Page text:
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Detective Work

Detective Work: Mood and Tone Contributors: Emma Lunbeck and Eleanor Liu

To help students identify tone and mood through word choice “clues”; to have students look critically at authorial intent; to give students an easy, amusing strategy for analyzing literature. Optional Free Write: Write about a mystery.

Crime Scene Investigation This works well to get kids invested in picking apart a reading.



Step One: Explain that a piece of writing is like a crime scene. It’s filled with clues that

tell us what the author is trying to make us feel. Every piece of figurative language, in fact every descriptive word, is like a fingerprint that we can use to uncover the tone and the mood of the passage. Note: This is a good place in the lesson to define tone and mood with your students, but once you have defined them, I would suggest setting these terms aside until the end of class. Unfortunately, words like tone, mood, and theme often limit students. When you ask students what the tone of a piece is, they stop asking questions like “What is this about? How can I relate to it? What can I learn from it? What does it make me feel?” and start asking questions like, “Is this the right answer for ‘tone’? Am I done yet?” To discuss tone, mood, or theme using the official terminology, I suggest bringing it up at the very end of the discussion, after the answers have already been arrived at organically, if not yet officially named. For example: “So, guys, we’ve realized that Hamlet talks a lot about how he feels like a coward for not killing himself and for not killing Claudius. We’ve come up with a lot of ideas of what Shakespeare is trying to say about cowardice. Could we call cowardice a theme of the play? Is it something really important that Shakespeare is trying to tell us about?”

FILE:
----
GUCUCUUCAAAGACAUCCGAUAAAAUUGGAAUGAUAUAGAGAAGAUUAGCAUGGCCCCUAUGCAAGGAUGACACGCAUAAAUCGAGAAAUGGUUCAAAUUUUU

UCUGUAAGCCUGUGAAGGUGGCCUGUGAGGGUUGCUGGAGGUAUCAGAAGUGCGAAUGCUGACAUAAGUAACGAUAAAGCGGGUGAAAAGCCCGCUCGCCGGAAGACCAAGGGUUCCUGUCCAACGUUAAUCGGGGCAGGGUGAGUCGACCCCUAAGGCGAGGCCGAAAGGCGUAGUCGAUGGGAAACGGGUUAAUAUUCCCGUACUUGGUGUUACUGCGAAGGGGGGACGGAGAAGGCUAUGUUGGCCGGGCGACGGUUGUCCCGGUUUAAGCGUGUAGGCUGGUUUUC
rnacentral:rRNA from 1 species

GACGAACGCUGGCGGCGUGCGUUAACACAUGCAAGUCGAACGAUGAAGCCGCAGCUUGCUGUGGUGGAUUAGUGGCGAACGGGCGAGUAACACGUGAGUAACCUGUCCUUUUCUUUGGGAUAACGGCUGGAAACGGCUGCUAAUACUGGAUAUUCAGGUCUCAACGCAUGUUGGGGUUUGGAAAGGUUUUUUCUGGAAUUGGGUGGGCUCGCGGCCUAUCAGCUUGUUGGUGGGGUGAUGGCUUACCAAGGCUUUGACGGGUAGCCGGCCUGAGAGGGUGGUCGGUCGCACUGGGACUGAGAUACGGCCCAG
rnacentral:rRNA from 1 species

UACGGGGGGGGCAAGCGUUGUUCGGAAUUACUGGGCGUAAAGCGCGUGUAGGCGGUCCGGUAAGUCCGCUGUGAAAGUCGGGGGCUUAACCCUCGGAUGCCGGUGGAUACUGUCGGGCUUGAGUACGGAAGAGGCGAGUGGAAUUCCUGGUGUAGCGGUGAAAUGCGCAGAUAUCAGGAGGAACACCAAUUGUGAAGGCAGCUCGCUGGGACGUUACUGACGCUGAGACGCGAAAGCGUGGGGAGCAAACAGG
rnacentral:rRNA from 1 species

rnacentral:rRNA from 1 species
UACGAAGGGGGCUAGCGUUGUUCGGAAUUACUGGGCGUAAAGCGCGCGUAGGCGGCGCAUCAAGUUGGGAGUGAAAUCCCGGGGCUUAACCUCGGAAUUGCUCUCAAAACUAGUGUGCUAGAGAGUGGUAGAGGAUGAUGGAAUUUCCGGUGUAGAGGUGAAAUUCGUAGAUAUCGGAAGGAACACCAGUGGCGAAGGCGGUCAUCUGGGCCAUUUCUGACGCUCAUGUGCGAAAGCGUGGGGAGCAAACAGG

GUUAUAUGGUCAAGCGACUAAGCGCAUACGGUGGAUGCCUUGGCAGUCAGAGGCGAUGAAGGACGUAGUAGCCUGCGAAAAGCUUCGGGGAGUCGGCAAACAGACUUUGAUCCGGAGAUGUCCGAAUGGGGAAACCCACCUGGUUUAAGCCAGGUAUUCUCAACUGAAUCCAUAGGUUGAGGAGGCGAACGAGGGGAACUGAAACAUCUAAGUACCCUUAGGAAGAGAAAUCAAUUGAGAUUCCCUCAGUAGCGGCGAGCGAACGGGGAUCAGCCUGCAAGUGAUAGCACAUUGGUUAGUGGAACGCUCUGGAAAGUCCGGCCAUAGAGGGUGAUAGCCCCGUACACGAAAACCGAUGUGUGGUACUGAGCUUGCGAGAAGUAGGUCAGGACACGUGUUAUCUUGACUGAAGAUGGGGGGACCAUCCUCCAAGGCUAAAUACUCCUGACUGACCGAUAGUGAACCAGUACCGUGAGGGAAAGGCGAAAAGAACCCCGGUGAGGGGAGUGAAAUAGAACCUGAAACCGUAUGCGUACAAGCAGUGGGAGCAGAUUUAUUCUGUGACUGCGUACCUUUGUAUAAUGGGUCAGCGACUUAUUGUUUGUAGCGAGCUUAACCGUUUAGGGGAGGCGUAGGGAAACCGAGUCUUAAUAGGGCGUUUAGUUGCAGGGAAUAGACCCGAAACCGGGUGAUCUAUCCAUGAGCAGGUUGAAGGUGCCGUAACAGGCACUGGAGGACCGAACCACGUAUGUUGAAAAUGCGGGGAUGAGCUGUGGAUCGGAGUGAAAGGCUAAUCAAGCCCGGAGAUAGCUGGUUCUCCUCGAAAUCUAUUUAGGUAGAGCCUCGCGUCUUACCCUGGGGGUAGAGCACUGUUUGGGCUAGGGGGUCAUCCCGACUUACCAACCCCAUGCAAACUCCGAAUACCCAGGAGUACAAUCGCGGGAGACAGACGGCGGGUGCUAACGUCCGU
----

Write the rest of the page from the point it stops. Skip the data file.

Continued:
Step Two: Explain to students that they must take three steps to analyze the evidence: 1. Find an example of figurative language and decide: what is being compared to what? Be as explicit as you can. 2. Describe what you see or feel. Use sensory details to zoom in on images and comparisons. 3. Ask yourself: Why does the author include this detail here? Does it make us feel frightened? Happy? Disoriented? Tranquil? What is this clue trying to tell you?

The Cure for IDK  
The Cure for IDK  

The Cure for IDK isn't a typical lesson book. It is frank, funny, and full of lessons that are simultaneously entertaining and challenging....